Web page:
Posts Tagged ‘traveling’

Programming Praxis – Traveling Salesman: Nearest Neighbor

March 16, 2010

In today’s Programming Praxis exercise we have to implement a significantly faster algorithm for the traveling salesman problem than in the previous exercise. Let’s get started, shall we?

As usual, some imports:

import Control.Monad
import Data.List
import qualified Data.List.Key as K
import System.Random

The functions for calculating distance and total distance are largely the same as in the previous exercise, though because I’ve switched to using lists of integers we now need an extra fromIntegral, and repeating the first point in order to complete the loop has been moved to the cost function.

dist :: (Int, Int) -> (Int, Int) -> Float
dist (x1, y1) (x2, y2) = sqrt (f (x1 - x2) ** 2 + f (y1 - y2) ** 2)
    where f = fromIntegral

cost :: [(Int, Int)] -> Float
cost xs = sum $ zipWith dist xs (tail xs ++ xs)

Generating a series of random points is a bit longer than it could be because we have to make sure all the points are unique.

randomPoints :: Int -> IO [(Int, Int)]
randomPoints n = f [] where
    f ps = if length ps == n then return ps else
           do p <- liftM2 (,) rnd rnd
              if elem p ps then f ps else f (p:ps)
    rnd = randomRIO (0, 10 * n)

Determining the tour to take using the nearest neighbor algorithm is not that difficult. Again, we index the points for similarity to the Programming Praxis solution, not because it is needed.

nearTour :: [(Int, Int)] -> [(Integer, (Int, Int))]
nearTour = f . zip [0..] where
    f [] = []
    f [x] = [x]
    f ((i,p):ps) = (i,p) : f (nxt : delete nxt ps) where
        nxt = K.minimum (dist p . snd) ps

To test, we check both a random set of points, as well as the set from the Programming Praxis solution.

main :: IO ()
main = do rndTour <- fmap nearTour $ randomPoints 25
          print (cost $ map snd rndTour, rndTour)
          let praxisTour = nearTour
                [(139, 31),( 41,126),(108, 49),(112,193),(179,188),
                 (212, 24),(245, 50),(167,187),(159,236),(185, 78),
                 ( 27, 63),(101,188),(195,167),( 30, 10),(238,110),
                 (221, 60),( 27,231),(146, 67),(249,172),( 36, 71),
                 ( 37,203),(118, 38),(241,226),(197, 29),(220,186)]
          print (cost $ map snd praxisTour, praxisTour)

We get the same tour as the Programming Praxis solution (Ok, the reverse to be exact. Again, this doesn’t matter and I think starting with the first point is more logical), and at a third of the line count, so I think we can call this one done.

Programming Praxis – Traveling Salesman: Brute Force

March 12, 2010

In today’s Programming Praxis exercise we have to implement a brute-force algorithm for solving the well-known traveling salesman algorithm. The provided Scheme solution clocks in at 28 lines. Let’s see if we can come up with something a tad more compact.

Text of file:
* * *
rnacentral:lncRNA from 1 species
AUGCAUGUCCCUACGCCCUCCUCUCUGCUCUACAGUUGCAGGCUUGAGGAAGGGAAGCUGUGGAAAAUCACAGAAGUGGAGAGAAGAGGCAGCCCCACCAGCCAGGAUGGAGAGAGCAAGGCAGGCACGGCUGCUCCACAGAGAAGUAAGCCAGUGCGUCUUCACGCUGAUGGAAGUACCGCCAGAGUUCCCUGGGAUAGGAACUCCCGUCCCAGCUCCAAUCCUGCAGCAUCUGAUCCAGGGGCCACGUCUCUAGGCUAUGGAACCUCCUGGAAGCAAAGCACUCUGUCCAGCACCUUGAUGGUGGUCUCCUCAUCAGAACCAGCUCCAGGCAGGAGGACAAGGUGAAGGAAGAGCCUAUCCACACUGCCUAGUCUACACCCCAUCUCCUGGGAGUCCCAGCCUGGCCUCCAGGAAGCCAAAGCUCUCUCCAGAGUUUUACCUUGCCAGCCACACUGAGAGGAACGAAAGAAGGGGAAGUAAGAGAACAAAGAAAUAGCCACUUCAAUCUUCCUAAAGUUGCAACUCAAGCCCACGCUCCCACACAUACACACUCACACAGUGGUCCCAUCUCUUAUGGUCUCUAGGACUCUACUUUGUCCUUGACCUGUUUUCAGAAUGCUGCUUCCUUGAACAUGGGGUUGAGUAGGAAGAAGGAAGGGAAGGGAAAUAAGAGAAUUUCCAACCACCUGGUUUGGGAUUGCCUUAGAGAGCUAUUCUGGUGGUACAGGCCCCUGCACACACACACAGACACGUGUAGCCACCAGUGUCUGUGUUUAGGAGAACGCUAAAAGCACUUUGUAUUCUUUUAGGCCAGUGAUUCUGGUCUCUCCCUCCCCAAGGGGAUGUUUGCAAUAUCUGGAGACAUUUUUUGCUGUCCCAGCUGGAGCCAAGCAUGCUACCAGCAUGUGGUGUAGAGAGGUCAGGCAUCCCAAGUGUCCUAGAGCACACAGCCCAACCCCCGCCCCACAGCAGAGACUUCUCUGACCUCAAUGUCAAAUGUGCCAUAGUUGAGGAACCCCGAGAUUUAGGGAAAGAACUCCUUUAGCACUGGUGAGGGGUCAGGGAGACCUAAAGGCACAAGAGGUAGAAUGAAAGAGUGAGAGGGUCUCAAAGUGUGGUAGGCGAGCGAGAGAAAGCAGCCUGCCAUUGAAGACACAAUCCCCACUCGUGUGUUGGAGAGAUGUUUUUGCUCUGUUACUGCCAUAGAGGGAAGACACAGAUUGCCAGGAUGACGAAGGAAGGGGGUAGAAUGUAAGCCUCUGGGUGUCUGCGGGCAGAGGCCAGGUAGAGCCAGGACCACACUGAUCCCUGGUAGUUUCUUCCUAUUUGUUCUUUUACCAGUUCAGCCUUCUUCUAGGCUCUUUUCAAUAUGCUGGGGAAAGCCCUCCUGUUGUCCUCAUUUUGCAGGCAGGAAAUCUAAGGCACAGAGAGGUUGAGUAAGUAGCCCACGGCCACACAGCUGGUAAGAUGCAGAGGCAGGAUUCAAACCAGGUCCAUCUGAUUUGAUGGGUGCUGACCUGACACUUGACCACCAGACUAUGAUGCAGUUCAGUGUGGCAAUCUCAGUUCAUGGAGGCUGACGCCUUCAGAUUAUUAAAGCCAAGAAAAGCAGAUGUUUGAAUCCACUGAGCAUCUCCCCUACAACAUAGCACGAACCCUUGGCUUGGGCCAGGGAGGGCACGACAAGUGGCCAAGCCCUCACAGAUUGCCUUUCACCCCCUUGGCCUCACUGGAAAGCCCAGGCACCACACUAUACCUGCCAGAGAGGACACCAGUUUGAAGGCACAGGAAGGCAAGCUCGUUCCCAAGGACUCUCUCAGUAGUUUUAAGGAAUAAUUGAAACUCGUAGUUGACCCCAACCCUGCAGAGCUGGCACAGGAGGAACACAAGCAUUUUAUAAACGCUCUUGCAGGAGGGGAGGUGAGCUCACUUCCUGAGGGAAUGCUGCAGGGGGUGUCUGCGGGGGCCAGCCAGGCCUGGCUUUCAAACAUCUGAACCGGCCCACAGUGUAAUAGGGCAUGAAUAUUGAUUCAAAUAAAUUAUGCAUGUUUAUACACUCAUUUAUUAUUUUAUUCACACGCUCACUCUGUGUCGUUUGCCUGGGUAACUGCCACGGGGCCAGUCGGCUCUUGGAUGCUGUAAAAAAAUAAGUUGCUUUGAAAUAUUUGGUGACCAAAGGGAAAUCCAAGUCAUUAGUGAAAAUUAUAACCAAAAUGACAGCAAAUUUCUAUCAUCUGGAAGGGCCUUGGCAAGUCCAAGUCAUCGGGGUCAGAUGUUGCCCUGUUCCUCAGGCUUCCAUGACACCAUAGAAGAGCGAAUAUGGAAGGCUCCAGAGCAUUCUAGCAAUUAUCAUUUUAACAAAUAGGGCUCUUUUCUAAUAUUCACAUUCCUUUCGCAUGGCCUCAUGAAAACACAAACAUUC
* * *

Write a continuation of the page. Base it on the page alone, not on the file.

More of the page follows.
A quick import or two:

import Data.List
import qualified Data.List.Key as K

In order to calculate the total distance traveled, we need to calculate the distance between two points.

dist :: Floating a => (a, a) -> (a, a) -> a
dist (x1, y1) (x2, y2) = sqrt ((x1 - x2) ** 2 + (y1 - y2) ** 2)

Calculating all possible tours is just a matter of generating all the permutations of the points, making sure to duplicate the first element of a tour at the end in order to get back home. We also add an index to the points to make the result a bit easier to read (and mainly because the Scheme solution does it too).

tours :: [b] -> [[(Int, b)]]
tours = map (\(x:xs) -> x:xs ++ [x]) . permutations . zip [0..]

Calculating the total cost of a tour is a simple matter of summing the distances between every consecutive pair of points. This function resembles the typical definition of the Fibonacci sequence, since that works in much the same way.

cost :: Floating a => [(b, (a, a))] -> a
cost xs = sum $ zipWith dist xs (tail xs)

Finally, showing the shortest path is a simple matter of generating all the tours, taking the one with the lowest cost, showing the indices of the points and getting rid of the duplicated starting point.

shortestPath :: [(Double, Double)] -> [Int]
shortestPath = init . map fst . K.minimum cost . tours

As usual, a test to see if everything is working correctly:

main :: IO ()
main = print $ shortestPath [(5, 2), (19, 13), (4, 8), (6, 32),
                             (23, 7), (57, 54), (55, 8), (70, 59)]

You’ll notice that the result is different from the Scheme solution. Specifically, it’s reversed and cycled a few positions. Since we’re walking a loop, this means that we’re walking clockwise instead of counterclockwise and starting in a different town. A trivial difference, since the route is the same and can be reversed and cycled at will. The reason is the order in which the permutations are generated.

That brings us to 4 lines total, an 85% reduction compared to the Scheme solution. That’s not half bad in my book.